Every summer has been the same routine for me and my little sister. Wake up late, eat, go to the pool, watch TV, eat dinner and go to sleep. Before summer began I vowed that this year would be different. I wanted to explore L.A. I also wanted my sister to have a a memorable summer. One day while at Venice Beach I saw a poster for a Houdini exhibit at the Skirball Cultural Center. I knew right away that’s where I would be going the following week. I’ve always been fascinated by magic and to see an exhibit about the magician who performed death-defying acts would be amazing. I checked online for prices and read that Thursdays are free, and so we went.
Before going into the Houdini exhibit we checked out the Masters of Illusion exhibit, about Jewish magicians of the Golden Age (1875–1948). There were some props like the magicians’ wands, decks of cards and handcuffs. I have a fear of puppets and when I saw one in the beginning I freaked out. The puppet was sitting on a swing like acrobats use to do tricks. Next to it was a video showing a man saying something to the puppet and the puppet would shake his head and do a trick on the swing. I squeaked and hid behind my sister. Other than that the exhibit was great. There are more than 150 objects and more than 10 magicians featured in the exhibit. I had hardly heard about any of them.
After that we went to the Houdini exhibit. Before the exhibit all I knew about Harry Houdini was that he was one of the greatest magicians who ever lived. Criss Angel, a contemporary magician, talked about Houdini on almost every episode of his TV show Mindfreak. I learned that he was famous for escaping handcuffs and straightjackets. Some people thought he was a fraud so they challenged him to escape in public while hanging upside down, which he did successfully. When I watched a grainy black and white clip of that I was biting my nails saying every minute “Oh my god.” Throughout the five-minute video I thought to myself, “There’s no possible way he could do it. There’s no way. No way.”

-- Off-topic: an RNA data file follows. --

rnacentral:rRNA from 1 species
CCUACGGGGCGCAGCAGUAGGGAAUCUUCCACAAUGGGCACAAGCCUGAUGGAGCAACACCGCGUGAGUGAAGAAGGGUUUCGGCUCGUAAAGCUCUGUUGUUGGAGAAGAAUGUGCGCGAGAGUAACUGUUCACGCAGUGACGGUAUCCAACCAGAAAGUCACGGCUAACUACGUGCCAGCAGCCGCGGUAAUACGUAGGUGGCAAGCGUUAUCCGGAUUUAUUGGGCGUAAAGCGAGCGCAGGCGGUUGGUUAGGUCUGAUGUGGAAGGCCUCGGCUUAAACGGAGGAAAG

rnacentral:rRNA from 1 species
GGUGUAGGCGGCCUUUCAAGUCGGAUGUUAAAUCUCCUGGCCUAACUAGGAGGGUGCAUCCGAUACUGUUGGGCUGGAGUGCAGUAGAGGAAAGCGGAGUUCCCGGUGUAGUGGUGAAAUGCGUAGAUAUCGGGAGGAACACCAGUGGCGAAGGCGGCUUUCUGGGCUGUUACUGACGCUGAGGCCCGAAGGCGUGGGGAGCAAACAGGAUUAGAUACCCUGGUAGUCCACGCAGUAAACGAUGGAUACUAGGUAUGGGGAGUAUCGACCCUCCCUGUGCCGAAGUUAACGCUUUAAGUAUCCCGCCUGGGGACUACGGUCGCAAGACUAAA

The exhibit includes props like his straightjacket, the large milk can he escaped from in his act and his Metamorphosis Trunk. As one of his acts, Houdini would tie his partners hands together and then would put her inside a bag and tie the bag. He would then lock his partner inside the trunk and stand on top of the trunk. Then he would raise a curtain and in three seconds he would let it down only to reveal his partner and not Houdini standing on top of the trunk. The partner would then open the trunk and open the bag inside it and out comes Houdini. There is a video of that trick in the exhibit, but not performed by Houdini. In the video, it says that the Metamorphosis is known as the world’s quickest illusion.
Also included in the exhibit are paintings that artists have done of him. One of the best was “The Man Who Walked Through Walls” by Joe Coleman. In the painting you can see some of Houdini’s magic acts and some of the letters he wrote to his mom while on the road performing. But my favorite was a hologram piece done by Ikuo Nakamura. From far you can just see the famous milk can and a window in front of it, but when you get close and you look into it, you can see Houdini’s arms as he is escaping. It’s amazing!
There are clips of some of his performances, pictures of him, sculptures, and some of his personal things (like his diary). I’ve always liked magic and this exhibit was unbelievable.
The Houdini Art and Magic exhibit runs through Sept. 4 and the Masters of Illusion exhibit runs through Jan. 8, 2012. Admission to the Skirball costs $10 for adults, but only $7 for full-time students and includes both magic exhibits. It costs $5 for children 2-12. The exhibit is free on Thursdays. Parking is free. Skirball Cultural Center is located in 2701 N. Sepulveda Blvd. Los Angeles, CA 90049. You can check out more information at skirball.org.